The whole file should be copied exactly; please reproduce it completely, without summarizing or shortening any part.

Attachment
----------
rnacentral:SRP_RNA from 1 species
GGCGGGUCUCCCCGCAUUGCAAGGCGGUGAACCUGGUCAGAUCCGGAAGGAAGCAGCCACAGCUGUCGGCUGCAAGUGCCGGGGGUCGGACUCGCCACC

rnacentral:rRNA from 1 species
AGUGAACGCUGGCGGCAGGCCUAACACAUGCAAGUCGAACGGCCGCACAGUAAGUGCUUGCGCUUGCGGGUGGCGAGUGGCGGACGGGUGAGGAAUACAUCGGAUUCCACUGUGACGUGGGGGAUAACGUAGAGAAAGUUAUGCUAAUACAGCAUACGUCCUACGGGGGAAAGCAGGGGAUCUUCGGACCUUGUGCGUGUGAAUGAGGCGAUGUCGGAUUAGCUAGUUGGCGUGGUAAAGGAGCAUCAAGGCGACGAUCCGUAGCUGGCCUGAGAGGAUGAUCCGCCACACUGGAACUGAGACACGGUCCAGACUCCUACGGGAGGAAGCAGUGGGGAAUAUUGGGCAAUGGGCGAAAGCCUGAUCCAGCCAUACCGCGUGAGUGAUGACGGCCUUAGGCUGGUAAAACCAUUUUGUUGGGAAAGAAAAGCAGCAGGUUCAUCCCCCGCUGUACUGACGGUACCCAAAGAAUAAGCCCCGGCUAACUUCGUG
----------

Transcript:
rnacentral:SRP_RNA from 1 species
GGCGGGUCUCCCCGCAUUGCAAGGCGGUGAACCUGGUCAGAUCCGGAAGGAAGCAGCCACAGCUGUCGGCUGCAAGUGCCGGGGGUCGGACUCGCCACC

rnacentral:rRNA from 1 species
AGUGAACGCUGGCGGCAGGCCUAACACAUGCAAGUCGAACGGCCGCACAGUAAGUGCUUGCGCUUGCGGGUGGCGAGUGGCGGACGGGUGAGGAAUACAUCGGAUUCCACUGUGACGUGGGGGAUAACGUAGAGAAAGUUAUGCUAAUACAGCAUACGUCCUACGGGGGAAAGCAGGGGAUCUUCGGACCUUGUGCGUGUGAAUGAGGCGAUGUCGGAUUAGCUAGUUGGCGUGGUAAAGGAGCAUCAAGGCGACGAUCCGUAGCUGGCCUGAGAGGAUGAUCCGCCACACUGGAACUGAGACACGGUCCAGACUCCUACGGGAGGAAGCAGUGGGGAAUAUUGGGCAAUGGGCGAAAGCCUGAUCCAGCCAUACCGCGUGAGUGAUGACGGCCUUAGGCUGGUAAAACCAUUUUGUUGGGAAAGAAAAGCAGCAGGUUCAUCCCCCGCUGUACUGACGGUACCCAAAGAAUAAGCCCCGGCUAACUUCGUG